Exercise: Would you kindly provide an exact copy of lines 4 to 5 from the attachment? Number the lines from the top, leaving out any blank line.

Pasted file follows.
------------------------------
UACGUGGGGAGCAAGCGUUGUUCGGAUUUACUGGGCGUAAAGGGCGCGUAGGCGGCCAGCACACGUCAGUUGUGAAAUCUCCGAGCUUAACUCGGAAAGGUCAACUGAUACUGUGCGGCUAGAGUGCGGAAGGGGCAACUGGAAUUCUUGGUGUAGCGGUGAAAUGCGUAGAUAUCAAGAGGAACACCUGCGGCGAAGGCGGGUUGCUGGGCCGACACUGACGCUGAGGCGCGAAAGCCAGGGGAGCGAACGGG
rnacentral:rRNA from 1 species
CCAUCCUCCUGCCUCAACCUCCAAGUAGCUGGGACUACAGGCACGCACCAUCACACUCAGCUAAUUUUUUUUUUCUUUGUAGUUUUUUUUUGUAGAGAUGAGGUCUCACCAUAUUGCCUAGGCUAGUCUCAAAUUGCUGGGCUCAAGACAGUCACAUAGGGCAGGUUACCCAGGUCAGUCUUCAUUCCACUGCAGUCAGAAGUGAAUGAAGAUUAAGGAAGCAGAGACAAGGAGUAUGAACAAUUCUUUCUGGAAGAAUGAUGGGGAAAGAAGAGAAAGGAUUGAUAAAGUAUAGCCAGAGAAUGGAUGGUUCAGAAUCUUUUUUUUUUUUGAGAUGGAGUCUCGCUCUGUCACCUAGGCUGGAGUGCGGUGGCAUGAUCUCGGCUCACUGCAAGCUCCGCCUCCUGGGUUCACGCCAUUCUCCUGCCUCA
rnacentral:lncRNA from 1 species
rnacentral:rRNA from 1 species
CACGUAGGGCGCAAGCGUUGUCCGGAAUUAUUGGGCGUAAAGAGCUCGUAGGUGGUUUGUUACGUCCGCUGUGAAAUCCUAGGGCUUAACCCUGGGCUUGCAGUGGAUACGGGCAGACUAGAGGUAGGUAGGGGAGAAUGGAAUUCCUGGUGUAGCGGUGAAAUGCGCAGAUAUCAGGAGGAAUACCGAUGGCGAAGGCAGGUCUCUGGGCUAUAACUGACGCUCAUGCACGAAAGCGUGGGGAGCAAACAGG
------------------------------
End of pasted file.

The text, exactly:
rnacentral:lncRNA from 1 species
rnacentral:rRNA from 1 species